Without my Friend

My Friend Jahro

My Friend Jahro

My family was never lucky in choosing a dog. The first one was a spaniel. My parents called it Baldo. The more he started to feel at home, the more he started to think that he was ‘the leader of the pack’. I remember the crucial day: Baldo was standing in attack-mode; growling dangerously and showing his teeth. On the other side the family; my dad in front of us, holding the kitchen-chair between him and the dog like a true lion-tamer. I don’t remember how it ended exactly; but it was Baldo’s last day in our house. Several years later suddenly Dinkey was there. A teckel. He only liked my mom. Taking him outside was a crime. He just didn’t want to move and you had to drag him over the pavement until the house was out of sight. That’s probably why they are so short-legged. When he finally understood that his resistance was senseless, he started to run; with me on the other end of the leash, to get home again as soon as possible. After a few years he started to suffer from a skin-disease. The worst part was his belly and a relatively large part of a teckel is belly. He almost got mad of the itching an bit his belly till it was bleeding. All medical attempts to cure him didn’t have any effect; so after a long struggle my parents took him to the veterinarian for an eternal sleep. Our last dog was a ‘Drentse patrijs’, called Jahro. He was the biggest one and made for chasing ducks. After I got seriously mad with him, when he bit me in a fingertip, he accepted me as his ‘dominant superior’ ;-). From that moment on he listened to everything I said. I loved to take him outside and let him off the leash in the Dutch Woods around Lochem. And he had the time of his life during those free moments; getting rid of all the energy that was stored in his muscles. Once he disappeared into a small pond in the garden of an ‘old peoples home’, chasing ducks that were swimming around there. Once in hunting mode he was totally focused and ignored every command of his ‘dominant superior’. The headmistress of the ‘old peoples home’ wanted me to jump into the pond to get him out; but I refused. Then she called the cops. Just after they arrived, Jahro finally understood that he was not capable of catching any duck and came out of the water. So I punished him and put him on the leash again. We didn’t get arrested and the old people behind the windows had had their most exciting day of the year. Months later he started to suffer from epileptic attacks. I still get tears in my eyes when I remember him, lying in his own urine; growling at the totally unknown things around him; including me. He lived on for a while; sneaking upstairs when he felt another attack coming up. I felt really sad when I got the message that he had died; one of my best friends. The shots of the trees, I posted lately, are along the track I always used to walk with him. So are the next shots.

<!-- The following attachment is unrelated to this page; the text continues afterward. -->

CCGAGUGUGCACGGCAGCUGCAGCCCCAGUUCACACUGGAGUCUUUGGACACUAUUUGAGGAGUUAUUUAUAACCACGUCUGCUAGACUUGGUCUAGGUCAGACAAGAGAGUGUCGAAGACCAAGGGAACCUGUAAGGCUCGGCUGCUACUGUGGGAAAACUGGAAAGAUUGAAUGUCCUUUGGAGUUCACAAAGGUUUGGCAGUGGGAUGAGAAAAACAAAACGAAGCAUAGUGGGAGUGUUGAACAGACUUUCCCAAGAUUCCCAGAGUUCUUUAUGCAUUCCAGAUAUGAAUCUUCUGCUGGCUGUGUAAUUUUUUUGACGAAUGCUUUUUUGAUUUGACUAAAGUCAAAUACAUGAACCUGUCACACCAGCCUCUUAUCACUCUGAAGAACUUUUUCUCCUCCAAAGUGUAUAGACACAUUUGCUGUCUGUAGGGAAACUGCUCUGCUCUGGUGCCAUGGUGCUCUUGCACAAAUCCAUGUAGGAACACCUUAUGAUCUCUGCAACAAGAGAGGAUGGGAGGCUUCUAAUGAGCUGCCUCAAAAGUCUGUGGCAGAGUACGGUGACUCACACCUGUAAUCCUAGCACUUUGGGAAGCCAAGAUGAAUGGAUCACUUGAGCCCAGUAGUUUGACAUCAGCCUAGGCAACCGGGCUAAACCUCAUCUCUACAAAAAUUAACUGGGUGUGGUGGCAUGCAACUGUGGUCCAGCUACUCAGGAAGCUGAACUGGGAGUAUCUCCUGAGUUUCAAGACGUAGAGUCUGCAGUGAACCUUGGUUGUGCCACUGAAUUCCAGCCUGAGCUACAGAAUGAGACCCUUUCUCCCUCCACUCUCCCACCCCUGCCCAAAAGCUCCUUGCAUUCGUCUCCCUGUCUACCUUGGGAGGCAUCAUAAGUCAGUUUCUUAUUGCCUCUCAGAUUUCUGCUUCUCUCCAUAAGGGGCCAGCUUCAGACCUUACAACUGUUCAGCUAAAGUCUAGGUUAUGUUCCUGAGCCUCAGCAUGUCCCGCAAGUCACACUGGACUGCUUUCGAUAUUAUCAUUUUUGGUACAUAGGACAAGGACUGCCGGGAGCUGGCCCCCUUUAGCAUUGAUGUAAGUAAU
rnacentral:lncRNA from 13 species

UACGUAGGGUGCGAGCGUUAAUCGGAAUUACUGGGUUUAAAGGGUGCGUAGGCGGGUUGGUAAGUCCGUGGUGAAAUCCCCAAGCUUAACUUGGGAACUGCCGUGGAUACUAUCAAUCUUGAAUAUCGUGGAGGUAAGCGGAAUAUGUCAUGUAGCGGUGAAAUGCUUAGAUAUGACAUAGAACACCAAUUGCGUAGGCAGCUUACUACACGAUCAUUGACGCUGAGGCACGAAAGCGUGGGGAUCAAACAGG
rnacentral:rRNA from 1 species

Without my Friend prt1

Without my Friend prt1

Without my Friend prt2

Without my Friend prt2

Without my Friend prt3

Without my Friend prt3

Without my Friend prt4

Without my Friend prt4

Without my Friend prt5

Without my Friend prt5

Without my Friend prt6

Without my Friend prt6

Without my Friend prt7

Without my Friend prt7

Without my Friend prt8

Without my Friend prt8

Without my Friend prt9

Without my Friend prt9

Without my Friend prt10

Without my Friend prt10

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35 comments
  1. What a mix of memories Harrie . . . . how sweet does Jahro look in this shot!

    • A bit tragicomic… Yes; one of his first days with us. Thank you, Patti.

  2. Malin H said:

    Losing a best friend is never easy… A beautiful post and stunning images.

    • I have so many fine memories keeping him alive… Thanks, Malin.

  3. Jag said:

    Wonderful memories and pictures. Prt 5 is great.

    • Thanks Jag. Prt5 is weird; I never understood. It looks like a lane; but there is nothing where it starts; and there is nothing where it ends; just two rows of large trees.

  4. Jag said:

    Nevertheless it looks great.

  5. may your friend continue wagging happily
    in your compassion & creativity.

  6. Who knew Harrie you got a bit of pen in you great story with pictures too, who knew, great work my friend keep that pen of yours working
    As always Sheldon

      • You’ve been more and more Harrie I’ve just stepped up to the plate and hit a few, it’s only because of people like you I have been wanting more. I am humble and honor by everyone who shown……….